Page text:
The world of finance lost a legend this past October when former Ford Motor Co. CFO J. Edward Lundy died at the age of 92.
Lundy was one of the 10 “Whiz Kids” who were credited with pulling the auto company out of a 15-year profit slump after World War II, according to the Automotive Hall of Fame. The former Princeton professor joined the automaker in 1946 when it was losing $1 million a day, and ended up bringing accountability and discipline to the company, not to mention rewriting the rules of finance in the auto industry.
In fact, Lundy’s legacy lives on in Ford’s finance department in the form of “Lundyisms,” which promote the idea that everything should focus more on the message than the format. For example, he created a reporting format consisting of small tables, so the numbers wouldn’t bog down viewers. “They were developed for consistency, so a reader could focus on the content,” says Ford spokeswoman Becky Sanch.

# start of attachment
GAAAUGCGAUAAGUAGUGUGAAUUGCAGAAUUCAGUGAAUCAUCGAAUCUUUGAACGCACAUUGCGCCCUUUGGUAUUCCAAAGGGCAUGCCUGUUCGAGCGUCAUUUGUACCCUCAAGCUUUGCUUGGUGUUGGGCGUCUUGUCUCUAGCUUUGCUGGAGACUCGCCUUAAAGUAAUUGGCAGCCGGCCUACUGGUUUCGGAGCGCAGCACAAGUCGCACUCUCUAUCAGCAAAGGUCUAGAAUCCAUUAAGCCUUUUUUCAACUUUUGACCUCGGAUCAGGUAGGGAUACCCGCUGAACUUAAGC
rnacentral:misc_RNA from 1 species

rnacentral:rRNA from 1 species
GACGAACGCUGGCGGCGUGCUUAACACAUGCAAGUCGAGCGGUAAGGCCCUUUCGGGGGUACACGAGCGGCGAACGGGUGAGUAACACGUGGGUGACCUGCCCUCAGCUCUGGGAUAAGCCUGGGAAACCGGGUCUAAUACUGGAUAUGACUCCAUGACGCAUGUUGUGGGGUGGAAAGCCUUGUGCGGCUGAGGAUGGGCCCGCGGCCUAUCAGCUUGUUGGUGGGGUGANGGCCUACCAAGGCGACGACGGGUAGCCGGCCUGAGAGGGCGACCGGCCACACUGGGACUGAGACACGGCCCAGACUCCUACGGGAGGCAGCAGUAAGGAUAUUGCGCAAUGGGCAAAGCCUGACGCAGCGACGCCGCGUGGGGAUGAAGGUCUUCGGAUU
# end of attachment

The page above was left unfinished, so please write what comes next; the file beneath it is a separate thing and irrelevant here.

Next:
Executive chairman Bill Ford called Lundy a “true pioneer in business and a celebrated figure in Ford Motor Co. history.” And with the troubled waters the company has seen of late, losing $12.6 billion last year alone, he may be wishing for his own team of Whiz Kids.